The Flying Fijians have landed back home to a mild reception after a mediocre Rugby World Cup tournament finishing third in their Pool D with Wales topping the five teams.
After fans got hyped up with the big names in the team, a mixed bag of results with warm up matches with the Maori All Blacks and Pacific Nations Cup, there was high hopes and foreboding thoughts simultaneously.
The skidded anticipation of a great outing came to the fore especially after the thrashing at the hands of the Brave Blossoms at the Kamaishi Recovery Memorial Stadium in the first PNC match on July 27.
As a fan the 62-year turnaround with the Maori All Blacks feat with a 27-10 score-line had inspired hope and aspirations of a team worthy of reaching the play offs at the RWC in Japan; a fortnight before the Japanese encounter.
The class and flair displayed by the Fijians at the national stadium on that cool afternoon with a dominant forward display and offloads interchange between the front eight and the backs charmed the fans.
Was this the year that we are going to have a better outing in the RWC?
It was deemed exceptional especially looking back at Fiji’s last international; their 21-14 upset of France in Paris last November moving up the world ranking to number nine.
The losses to tier one nations Australia in the opening match and Wales in the last encounter showed glimpses of greatness in the first two quarters then went downhill in the second half with the duo having the ascendency towards the end.
Fiji restored some respectability in their 45-10 hammering of the Georgians in their third pool match but had been thrown off their equilibrium in the match before with a 27-30 upset by Uruguay.
There has been allegations of smokescreens and counter smokescreens by the tier one nations coaches and administrators; the allegations of officiating to undermine the lower ranked teams; but at the end of the day if the Flying Fijians have succumbed to them in the past, we need better planning and resolve to overcome them.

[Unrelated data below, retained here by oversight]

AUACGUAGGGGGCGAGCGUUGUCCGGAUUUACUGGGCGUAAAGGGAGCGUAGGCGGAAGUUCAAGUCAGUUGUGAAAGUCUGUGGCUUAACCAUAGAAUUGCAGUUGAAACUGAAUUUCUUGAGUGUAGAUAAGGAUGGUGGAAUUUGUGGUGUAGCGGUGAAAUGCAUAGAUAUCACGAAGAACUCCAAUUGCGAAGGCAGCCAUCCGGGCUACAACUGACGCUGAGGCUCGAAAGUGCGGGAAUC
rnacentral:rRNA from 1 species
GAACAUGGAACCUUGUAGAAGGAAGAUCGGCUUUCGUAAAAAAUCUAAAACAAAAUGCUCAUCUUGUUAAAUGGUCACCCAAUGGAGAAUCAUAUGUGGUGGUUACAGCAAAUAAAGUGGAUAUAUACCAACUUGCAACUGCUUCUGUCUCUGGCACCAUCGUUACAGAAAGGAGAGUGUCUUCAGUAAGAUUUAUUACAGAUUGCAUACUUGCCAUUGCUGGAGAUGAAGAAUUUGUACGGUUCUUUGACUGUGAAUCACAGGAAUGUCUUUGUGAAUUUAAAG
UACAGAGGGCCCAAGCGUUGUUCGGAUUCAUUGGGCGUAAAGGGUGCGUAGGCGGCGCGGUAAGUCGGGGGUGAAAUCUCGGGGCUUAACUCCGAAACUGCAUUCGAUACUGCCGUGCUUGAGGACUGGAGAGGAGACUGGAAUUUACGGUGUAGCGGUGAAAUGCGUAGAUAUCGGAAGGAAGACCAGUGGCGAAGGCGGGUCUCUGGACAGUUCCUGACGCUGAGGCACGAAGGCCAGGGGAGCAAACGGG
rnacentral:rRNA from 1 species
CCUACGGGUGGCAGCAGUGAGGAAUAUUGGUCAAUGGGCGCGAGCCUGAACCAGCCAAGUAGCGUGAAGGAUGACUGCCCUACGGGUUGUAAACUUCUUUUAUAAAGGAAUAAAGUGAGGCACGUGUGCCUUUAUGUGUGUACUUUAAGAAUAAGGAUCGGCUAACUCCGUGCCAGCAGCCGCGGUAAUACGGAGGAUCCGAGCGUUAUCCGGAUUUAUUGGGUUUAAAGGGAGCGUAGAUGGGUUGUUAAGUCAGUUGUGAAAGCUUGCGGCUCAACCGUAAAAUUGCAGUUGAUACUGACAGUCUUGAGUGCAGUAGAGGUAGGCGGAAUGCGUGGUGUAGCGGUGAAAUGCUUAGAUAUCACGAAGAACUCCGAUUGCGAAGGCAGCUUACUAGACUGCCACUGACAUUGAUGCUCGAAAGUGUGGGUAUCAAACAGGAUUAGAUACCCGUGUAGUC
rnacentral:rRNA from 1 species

Some of the weaknesses identified by the media and fans in the lead up to the tournament seemed like it had been swept under the carpet and ignored which was very displeasing when it kept on creeping up in the RWC matches.
The easy tries by the Wallabies and Uruguay by the rolling mauls and lapses of indecisiveness and aimless kicking cost the team lost metres and possession which would have been better utilized if the team was at peak fitness to keep running at the opposition.
The strengths in the team with the offloads and continual phases of attacks had been undermined by the lack of fitness in the second half and indecision by the backs at key moments in the match.
The set pieces with the scrums and lineouts improved a lot in the tournament and the coaching from John McKee has seen strides forward for the team in 2019.
For the Flying Fijians to prepare for the 2023 RWC, the Fiji Rugby Union needs to put on the brakes; analyse the performance in the Japanese tournament; make some hard calls; and set realistic goals to prepare with a timeline to have a team that is fit, conditioned and prepared by 2022 for a better outing.